Dr Cristy Clark PhD(UNSW), MISD(UNSW), BA/LLB(ANU) Dr Cristy Clark is a Lecturer at the Southern Cross University School of Law and Justice, where she teaches Human Rights, Competition and Consumer Law, and Equity. Cristy completed her BA/LLB at the Australian National University and did her honours research in comparative constitutional law, with a focus on the appropriate scope of the implied freedom of political communication in Australia. After graduating, Cristy worked for a year at Freehills in the Planning and Environment section, before returning to university to complete a Masters in International Social Development at the University of New South Wales. Her masters research focused on the human rights to food and water and this lead her into a PhD, this time back in the Faculty of Law. Cristy’s thesis focused on the emerging human right to water and contained two case studies. The first case study examined the effect of privatising Manila’s water and sanitation system, particularly on access to water for the poor. The second case study examined the effect of introducing prepaid water meters into the community of Phiri in Soweto, Johannesburg and included an analysis of the Mazibuko water rights case in which members of the Phiri community argued (unsuccessfully) that the prepaid water meters violated South Africa’s constitutionally guaranteed right to water. During her candidature, Cristy taught Corporations Law, Contracts, and Equity at the ANU College of Law. She also spent some time living in Vientiane, Laos and Hanoi, Vietnam. Cristy's current research is focused on the intersection of law and development. She is particularly interested in the mechanisms for realising human rights to basic services, particularly in the context of informal settlements in the Global South and remote communities in Australia. She is also interested in the role of human rights in the post-2015 development agenda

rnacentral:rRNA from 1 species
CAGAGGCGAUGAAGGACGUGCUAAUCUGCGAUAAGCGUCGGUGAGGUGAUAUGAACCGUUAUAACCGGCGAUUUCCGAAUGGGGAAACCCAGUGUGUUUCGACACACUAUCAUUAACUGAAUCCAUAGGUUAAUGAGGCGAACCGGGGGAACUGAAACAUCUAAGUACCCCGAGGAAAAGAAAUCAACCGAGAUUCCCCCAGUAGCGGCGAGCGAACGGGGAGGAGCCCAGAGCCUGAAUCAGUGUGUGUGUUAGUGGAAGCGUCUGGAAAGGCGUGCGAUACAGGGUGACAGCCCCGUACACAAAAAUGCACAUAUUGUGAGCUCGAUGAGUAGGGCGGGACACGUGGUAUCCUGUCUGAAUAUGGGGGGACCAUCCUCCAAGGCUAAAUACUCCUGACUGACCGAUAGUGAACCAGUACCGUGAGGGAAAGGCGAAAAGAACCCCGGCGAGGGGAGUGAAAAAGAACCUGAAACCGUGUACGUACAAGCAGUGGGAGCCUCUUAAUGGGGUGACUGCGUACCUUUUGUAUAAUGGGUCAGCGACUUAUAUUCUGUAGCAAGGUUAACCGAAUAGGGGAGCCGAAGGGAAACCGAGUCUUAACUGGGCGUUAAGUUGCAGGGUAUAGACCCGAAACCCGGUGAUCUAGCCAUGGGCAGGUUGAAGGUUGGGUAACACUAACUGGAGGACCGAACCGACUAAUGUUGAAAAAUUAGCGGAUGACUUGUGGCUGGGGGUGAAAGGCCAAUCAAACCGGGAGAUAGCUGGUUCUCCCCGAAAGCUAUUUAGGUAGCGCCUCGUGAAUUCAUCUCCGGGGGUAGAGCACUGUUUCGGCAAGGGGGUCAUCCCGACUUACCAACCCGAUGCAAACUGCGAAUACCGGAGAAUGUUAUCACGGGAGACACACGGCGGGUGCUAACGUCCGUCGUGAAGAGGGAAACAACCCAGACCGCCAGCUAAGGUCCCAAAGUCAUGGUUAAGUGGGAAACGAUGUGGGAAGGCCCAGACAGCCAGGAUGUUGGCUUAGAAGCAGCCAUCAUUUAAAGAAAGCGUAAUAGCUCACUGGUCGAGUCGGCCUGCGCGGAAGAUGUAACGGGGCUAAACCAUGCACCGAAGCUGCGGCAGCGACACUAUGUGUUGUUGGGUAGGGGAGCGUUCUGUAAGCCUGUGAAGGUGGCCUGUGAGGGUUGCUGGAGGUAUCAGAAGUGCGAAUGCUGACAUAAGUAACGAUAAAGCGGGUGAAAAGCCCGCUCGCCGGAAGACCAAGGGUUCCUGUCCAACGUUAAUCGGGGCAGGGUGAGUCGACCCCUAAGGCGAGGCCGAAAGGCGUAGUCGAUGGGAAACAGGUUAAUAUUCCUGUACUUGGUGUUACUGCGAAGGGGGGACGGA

Participation and the right to water – the Mazibuko case, Human Rights Defender (2010)
Over one billion people lack adequate access to safe and secure water supplies, while over...
Human rights and development: the politics of food and global justice (with Paul T. Mitchell), Human Rights Defender (2005)